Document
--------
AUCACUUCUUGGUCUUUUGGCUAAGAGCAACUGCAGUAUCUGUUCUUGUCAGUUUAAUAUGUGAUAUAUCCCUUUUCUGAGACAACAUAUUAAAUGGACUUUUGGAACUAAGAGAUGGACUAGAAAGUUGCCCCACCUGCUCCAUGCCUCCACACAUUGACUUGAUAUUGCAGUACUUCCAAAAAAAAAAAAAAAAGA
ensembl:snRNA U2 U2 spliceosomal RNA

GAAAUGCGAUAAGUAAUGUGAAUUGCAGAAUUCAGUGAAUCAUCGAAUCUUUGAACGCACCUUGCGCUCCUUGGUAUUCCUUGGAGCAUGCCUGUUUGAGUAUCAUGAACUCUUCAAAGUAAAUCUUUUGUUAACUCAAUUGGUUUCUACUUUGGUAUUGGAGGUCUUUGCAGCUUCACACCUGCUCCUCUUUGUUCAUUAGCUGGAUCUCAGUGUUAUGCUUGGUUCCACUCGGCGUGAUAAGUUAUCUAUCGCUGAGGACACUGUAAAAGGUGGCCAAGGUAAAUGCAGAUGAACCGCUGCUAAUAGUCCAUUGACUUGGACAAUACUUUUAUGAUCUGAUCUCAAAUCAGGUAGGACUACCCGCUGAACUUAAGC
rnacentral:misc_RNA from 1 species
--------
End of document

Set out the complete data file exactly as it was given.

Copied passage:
AUCACUUCUUGGUCUUUUGGCUAAGAGCAACUGCAGUAUCUGUUCUUGUCAGUUUAAUAUGUGAUAUAUCCCUUUUCUGAGACAACAUAUUAAAUGGACUUUUGGAACUAAGAGAUGGACUAGAAAGUUGCCCCACCUGCUCCAUGCCUCCACACAUUGACUUGAUAUUGCAGUACUUCCAAAAAAAAAAAAAAAAGA
ensembl:snRNA U2 U2 spliceosomal RNA

GAAAUGCGAUAAGUAAUGUGAAUUGCAGAAUUCAGUGAAUCAUCGAAUCUUUGAACGCACCUUGCGCUCCUUGGUAUUCCUUGGAGCAUGCCUGUUUGAGUAUCAUGAACUCUUCAAAGUAAAUCUUUUGUUAACUCAAUUGGUUUCUACUUUGGUAUUGGAGGUCUUUGCAGCUUCACACCUGCUCCUCUUUGUUCAUUAGCUGGAUCUCAGUGUUAUGCUUGGUUCCACUCGGCGUGAUAAGUUAUCUAUCGCUGAGGACACUGUAAAAGGUGGCCAAGGUAAAUGCAGAUGAACCGCUGCUAAUAGUCCAUUGACUUGGACAAUACUUUUAUGAUCUGAUCUCAAAUCAGGUAGGACUACCCGCUGAACUUAAGC
rnacentral:misc_RNA from 1 species